The studio has prospered in television as well. In fact, two of Warner Bros' recent releases, "Maverick" (with Mel Gibson) and "Wyatt Earp" (with Kevin Costner), harken back to the studio's early days in TV. In 1993, Warner Bros ranked as the largest supplier of TV programs in Hollywood, producing hit sitcoms such as "Murphy Brown" and "Full House," as well action programs such as "Lois & Clark: the New Adventures of Superman."

For a number of years, Warners shared their Burbank Studios with Columbia Pictures. But Columbia (now part of Sony Pictures) has now moved out of Burbank, and into the old M-G-M Studios in Culver City, leaving Warner Bros as sole owner of the Burbank lot.

Fortunately for the public, Warner Bros is one of the major motion picture studios that offers a guided tour of their studios, including their venerable back lot. The catch is that their "VIP Tour" will set you back a hefty $27.

One way to get inside part of the historic Warner Bros Studios, however, without forking over hard cash, is simply to attend a free taping of a TV sitcom at the studio. Shows taped live recently at Warner Bros. include "Joey," "Everybody Loves Raymond," "George Lopez," "Two and a Half Men," "What I Like About You.", "Center of the Universe," "Washington Street," "Friends" and "The Drew Carrey Show." and These shows require live studio audiences, and you are admitted into the studio as part of that audience. Just phone "Audiences Unlimited" at (818) 506-0067 and ask them what shows are currently being taped on the Warner Bros. lot.

By the way, don't be surprised if your kids recognize the Warner Bros' water tower. In the Steven Spielberg cartoon series "Animaniacs," that's where the Warner brothers - and the Warner sister - live! (Ask your kids to explain...)

Update: in January of 2000, it was announced that Warner Bros will be purchased by America Online (AOL), in what will be the largest merger in history. AOL wants to buy Time Warner Inc., which also owns CNN and HBO cable services, and publishes Time, People, Sports Illustrated, Entertainment Weekly and Fortune magazines. AOL already owns Netscape, Compuserve, and Moviefone. The cost of the deal? 163 billion dollars. However, the merger is being opposed by some, including the Disney Company.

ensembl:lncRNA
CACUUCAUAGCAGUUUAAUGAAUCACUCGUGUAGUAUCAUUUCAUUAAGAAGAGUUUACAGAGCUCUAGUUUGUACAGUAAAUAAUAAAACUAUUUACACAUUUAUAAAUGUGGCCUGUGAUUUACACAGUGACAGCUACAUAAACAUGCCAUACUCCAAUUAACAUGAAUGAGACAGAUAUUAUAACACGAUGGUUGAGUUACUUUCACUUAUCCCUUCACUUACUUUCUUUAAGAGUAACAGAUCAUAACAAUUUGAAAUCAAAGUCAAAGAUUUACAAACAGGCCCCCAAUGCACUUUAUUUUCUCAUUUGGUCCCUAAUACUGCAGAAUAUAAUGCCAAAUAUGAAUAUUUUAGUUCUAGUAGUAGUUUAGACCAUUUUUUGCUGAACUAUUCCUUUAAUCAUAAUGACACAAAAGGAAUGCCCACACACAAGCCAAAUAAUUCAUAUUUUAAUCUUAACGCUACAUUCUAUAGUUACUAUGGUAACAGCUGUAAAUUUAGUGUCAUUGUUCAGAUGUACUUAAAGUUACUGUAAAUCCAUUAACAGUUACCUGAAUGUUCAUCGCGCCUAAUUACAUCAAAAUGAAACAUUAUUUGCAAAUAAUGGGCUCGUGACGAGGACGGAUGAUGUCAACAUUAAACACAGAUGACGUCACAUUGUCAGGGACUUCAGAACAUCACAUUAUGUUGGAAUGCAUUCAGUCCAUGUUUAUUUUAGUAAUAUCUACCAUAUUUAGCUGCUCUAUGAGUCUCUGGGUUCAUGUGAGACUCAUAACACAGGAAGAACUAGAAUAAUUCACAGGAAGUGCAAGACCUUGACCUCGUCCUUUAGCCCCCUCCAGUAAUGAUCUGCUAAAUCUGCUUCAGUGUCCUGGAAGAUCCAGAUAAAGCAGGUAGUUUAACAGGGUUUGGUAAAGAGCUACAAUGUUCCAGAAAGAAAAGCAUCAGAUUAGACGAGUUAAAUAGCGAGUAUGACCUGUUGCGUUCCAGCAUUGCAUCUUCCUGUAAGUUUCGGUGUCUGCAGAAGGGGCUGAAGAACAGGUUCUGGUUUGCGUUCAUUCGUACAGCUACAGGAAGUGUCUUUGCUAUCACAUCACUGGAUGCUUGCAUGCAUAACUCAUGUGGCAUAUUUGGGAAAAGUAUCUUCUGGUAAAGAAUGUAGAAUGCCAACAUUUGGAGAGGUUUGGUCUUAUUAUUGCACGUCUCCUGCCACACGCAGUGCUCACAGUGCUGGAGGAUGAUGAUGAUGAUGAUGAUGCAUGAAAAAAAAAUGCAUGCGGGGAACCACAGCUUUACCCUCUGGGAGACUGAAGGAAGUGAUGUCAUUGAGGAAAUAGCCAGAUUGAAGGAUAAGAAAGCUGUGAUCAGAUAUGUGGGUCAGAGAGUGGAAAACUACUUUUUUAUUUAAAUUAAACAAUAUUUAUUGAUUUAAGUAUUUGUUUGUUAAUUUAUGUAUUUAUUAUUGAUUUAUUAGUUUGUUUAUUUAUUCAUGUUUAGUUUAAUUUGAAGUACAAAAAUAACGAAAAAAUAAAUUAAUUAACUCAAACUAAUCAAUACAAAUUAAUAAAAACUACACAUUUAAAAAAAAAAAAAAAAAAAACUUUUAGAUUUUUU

Getting there: The studio is located at the intersection Olive Avenue, Pass Avenue, and Barham Boulevard, in Burbank (in the San Fernando Valley), just a few blocks southeast of NBC Studios and Disney Studios, and northeast of Universal Studios. / From Universal Studios, take Lankershim Boulevard half a mile north to Riverside Drive. Turn right (east), and take Riverside Drive east (about a mile and a half) to Hollywood Way. Turn right again (south), and take Hollywood Way to the studio gate. / From the Ventura (134) Freeway east, exit on the Pass Avenue offramp. Turn right on Pass Avenue and follow it southeast for about half a mile, to where it intersects with Olive Street next to the studio. Look for the giant movie posters - you can't miss it.

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Jeff Robinov President, Production
Steven Papazian President, Physical Production
Doug Frank President, Music Operations
Patti Connolly Executive VP, Business Affairs
Lynn Harris Executive VP, Production
Kevin McCormick Executive VP, Theatrical Production
Marc Solomon Executive VP, Post Production & Visual Effects
Steve Spira Executive VP, Worldwide Business Affairs
Courtenay Valenti Executive VP, Production
Keith Zajic Executive VP, Business Affairs, Music
Musette Buckley Sr. VP, Production Resources
Polly Cohen Sr. VP, Production
Chris De Faria Sr. VP, Physical Production & Visual Effects
Bob Fisher Sr. VP, Financial Investments & Analysis
Dan Furie Sr. VP, Business Affairs
Jessica Goodman Sr. VP, Production
Darren Higman Sr. VP, Music
Lora Kennedy Sr. VP, Feature Casting
Pam Kirsh Sr. VP/General Counsel, Legal
Jodi Levinson Sr. VP, Business Affairs
Dan Lin Sr. VP, Production
Lisa Margolis Sr. VP, Business & Legal Affairs, Music
David Sagal Sr. VP/General Counsel, Business & Legal Affairs
Mark Scoon Sr. VP, Physical Production
Greg Silverman Sr. VP, Production
Sandra Smokler Sr. VP/Deputy General Counsel
Frank J. Urioste Sr. VP, Creative
William Young Sr. VP, Feature Production
Suzi Civita VP, Music
Jeffrey Clifford VP, Production
Ellen Schwartz VP, Music Development
Virginia Tweedy VP, Business Affairs Administration
Teresa Wayne VP, Story & Creative Administration